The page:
For teaching beginners or near beginners in schools, adult education centres, etc, qualifications may be required, depending on the particular local education authority. Advanced courses held in colleges that specialise in music are taught by professional teachers/musicians. If teaching to groups that are considered potentially 'vulnerable', e.g., kids, then you may also need a 'disclosure', which is a police criminal records check, (which the school/centre arrange and pay for).

By the way, the practical element of A level music is (or used to be) considered equivalent to grade 6.


   
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(@scrybe)
Famed Member
Joined: 15 years ago
Posts: 2241
 

Fretsource,

many thanks for the swift and thorough reply. I'm looking to teach privately in the North West of England from January onwards. I got A's in both GCSE and A level music and played a lot of Hendrix and Jeff Beck stuff around that time, although now I'm trying to get my head around jazz and put my theory knowledge to more practical use, lol. I'd guess that I'm somwehere between grade 6 (based on my A level results) and grade 8 on elecrtic guitar and somewhere between grade 5 and grade 7 on acoustic (not classical, since my sight reading is somewhere around grade three :oops: ), so I reckon I have the knowledge and practical skills to provide a service to people wanting to learn guitar, and I've had the experience of working with several different music teachers over the years, so I've learned a lot about structuring learning from that. I just didn't want to start advertising my services only to be shut down by someone within a couple of months for not being qualified!

that said, I'm gonna put my head down on the grades situation and get that piece of paper sometime over the next year or so - I'm guessing I'm already that standard on some aspects of playing, but would like to fill the gaps (e.g. improv. over difficult harmonies or rhythms) and I may as well have the piece of paper if I'm going to get the skills.

I was thinking of chargin 10-15 quid per hour (for one-on-one tuition) to start of with, and then increase/create price bands depending on the students' level. Does this sound reasonable to you?

Ra Er Ga.

Ninjazz have SuperChops.

http://www.blipfoto.com/Scrybe


   
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(@fretsource)
Prominent Member
Joined: 16 years ago
Posts: 973
 

£15 is ok. £10 sounds a bit cheap. Pricing your lessons too low may get you a few more students initially but can also cause problems. It's good for people who really want to learn but can't afford to pay the higher prices, but it can also attract students who aren't that serious about learning - the kind who never practise or make any effort. It can also cause resentment among other guitar teachers who charge twice as much and feel that your cheap price is an indicator of lack of teaching ability.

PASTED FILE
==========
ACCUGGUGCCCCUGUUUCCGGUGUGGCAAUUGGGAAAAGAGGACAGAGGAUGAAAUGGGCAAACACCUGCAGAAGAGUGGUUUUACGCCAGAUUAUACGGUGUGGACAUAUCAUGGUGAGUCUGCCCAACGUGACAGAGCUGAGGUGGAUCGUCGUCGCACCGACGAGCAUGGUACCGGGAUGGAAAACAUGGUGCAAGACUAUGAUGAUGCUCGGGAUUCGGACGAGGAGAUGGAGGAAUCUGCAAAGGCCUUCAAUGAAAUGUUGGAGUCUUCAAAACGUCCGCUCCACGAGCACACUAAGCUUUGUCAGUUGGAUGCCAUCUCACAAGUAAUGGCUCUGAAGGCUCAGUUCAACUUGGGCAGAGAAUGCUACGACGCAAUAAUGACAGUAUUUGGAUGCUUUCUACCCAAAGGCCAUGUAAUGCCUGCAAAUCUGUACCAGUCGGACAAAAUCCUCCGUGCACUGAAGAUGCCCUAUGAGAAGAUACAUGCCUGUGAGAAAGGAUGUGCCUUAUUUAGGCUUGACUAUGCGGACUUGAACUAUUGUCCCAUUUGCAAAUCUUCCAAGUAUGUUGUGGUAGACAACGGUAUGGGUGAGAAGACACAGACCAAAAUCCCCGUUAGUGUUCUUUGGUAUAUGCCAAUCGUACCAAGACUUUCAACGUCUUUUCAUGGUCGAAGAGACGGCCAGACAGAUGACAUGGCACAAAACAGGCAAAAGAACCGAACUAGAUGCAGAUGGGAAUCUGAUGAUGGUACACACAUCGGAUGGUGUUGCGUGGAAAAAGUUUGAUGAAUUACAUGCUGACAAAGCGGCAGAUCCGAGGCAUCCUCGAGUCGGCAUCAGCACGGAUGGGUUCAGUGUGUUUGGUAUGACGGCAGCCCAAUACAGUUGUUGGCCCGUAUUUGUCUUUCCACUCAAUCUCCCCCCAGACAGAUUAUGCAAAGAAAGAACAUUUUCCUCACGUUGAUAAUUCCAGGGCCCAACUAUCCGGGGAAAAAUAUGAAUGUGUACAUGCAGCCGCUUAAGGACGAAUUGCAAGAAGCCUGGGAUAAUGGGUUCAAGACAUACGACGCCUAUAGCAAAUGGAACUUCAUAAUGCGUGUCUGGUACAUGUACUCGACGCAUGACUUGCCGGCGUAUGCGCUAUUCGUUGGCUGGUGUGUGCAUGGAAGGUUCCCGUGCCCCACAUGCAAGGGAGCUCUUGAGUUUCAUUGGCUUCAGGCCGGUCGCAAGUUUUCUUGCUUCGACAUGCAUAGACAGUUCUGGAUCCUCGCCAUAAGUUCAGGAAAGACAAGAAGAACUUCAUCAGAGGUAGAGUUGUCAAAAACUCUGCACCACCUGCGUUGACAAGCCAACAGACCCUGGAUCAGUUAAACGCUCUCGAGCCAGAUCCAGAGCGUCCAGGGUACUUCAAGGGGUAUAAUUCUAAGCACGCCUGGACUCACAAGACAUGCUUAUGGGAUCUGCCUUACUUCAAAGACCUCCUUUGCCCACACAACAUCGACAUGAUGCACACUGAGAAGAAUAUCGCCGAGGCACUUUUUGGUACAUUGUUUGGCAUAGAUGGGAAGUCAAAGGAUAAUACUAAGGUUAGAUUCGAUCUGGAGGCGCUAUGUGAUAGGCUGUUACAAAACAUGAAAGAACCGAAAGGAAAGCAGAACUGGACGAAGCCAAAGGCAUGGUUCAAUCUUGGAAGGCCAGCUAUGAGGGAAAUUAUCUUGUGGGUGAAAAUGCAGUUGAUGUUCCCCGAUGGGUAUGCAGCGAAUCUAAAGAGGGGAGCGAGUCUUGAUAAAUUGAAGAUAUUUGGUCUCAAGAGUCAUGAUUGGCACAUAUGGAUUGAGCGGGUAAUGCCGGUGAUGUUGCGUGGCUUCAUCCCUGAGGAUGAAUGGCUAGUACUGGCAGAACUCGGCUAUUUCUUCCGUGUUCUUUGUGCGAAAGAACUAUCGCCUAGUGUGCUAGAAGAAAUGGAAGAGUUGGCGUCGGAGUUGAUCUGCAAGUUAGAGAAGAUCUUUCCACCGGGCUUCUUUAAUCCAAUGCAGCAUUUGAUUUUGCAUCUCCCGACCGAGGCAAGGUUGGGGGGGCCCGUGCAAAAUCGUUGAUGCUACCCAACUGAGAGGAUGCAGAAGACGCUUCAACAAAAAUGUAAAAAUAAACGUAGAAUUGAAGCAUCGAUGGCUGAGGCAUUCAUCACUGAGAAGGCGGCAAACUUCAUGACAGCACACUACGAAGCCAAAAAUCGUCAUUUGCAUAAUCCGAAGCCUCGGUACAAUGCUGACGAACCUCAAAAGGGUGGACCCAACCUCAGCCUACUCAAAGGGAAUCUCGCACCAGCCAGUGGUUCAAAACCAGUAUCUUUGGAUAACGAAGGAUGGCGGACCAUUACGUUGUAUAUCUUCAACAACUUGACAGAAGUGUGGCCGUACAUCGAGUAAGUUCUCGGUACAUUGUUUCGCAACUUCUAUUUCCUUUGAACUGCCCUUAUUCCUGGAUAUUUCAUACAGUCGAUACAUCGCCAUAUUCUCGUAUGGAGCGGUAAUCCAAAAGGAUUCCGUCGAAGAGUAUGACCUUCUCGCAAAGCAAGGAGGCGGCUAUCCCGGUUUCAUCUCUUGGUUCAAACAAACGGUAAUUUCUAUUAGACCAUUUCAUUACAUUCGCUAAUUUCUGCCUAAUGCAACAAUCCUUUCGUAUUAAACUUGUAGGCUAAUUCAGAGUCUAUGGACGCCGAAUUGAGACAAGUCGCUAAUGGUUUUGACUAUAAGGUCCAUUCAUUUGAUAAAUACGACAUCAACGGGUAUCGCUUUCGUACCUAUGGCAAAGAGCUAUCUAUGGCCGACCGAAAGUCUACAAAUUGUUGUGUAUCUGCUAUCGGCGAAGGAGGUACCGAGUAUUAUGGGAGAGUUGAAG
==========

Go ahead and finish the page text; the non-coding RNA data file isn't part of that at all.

For this job, think of yourself as an educator first and a guitarist second. Make sure your courses are well structured, with plenty of printed teaching material. Good luck.


   
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(@scrybe)
Famed Member
Joined: 15 years ago
Posts: 2241
 

thanks for that, is it kewl if I pm you if I have any more questions? I'm not going to start advertising until closer to christmas as I have collected tons of teaching/learning material over the years and want to sort through that and make sure I have some clear ideas about teaching plans before I start taking students.

I'm doing a couple of hours free tuition in my old secondary school as a way of preparing for taking private students, s hopefully I'll get some clients out of that. If not, splattering the city with adverts should help. :lol:

Ra Er Ga.

Ninjazz have SuperChops.

http://www.blipfoto.com/Scrybe


   
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(@fretsource)
Prominent Member
Joined: 16 years ago
Posts: 973
 

Sure - no problem. But asking questions here would be better. You'll get different perspectives, tips, from others here who teach, and any other members interested in teaching will also get some useful info.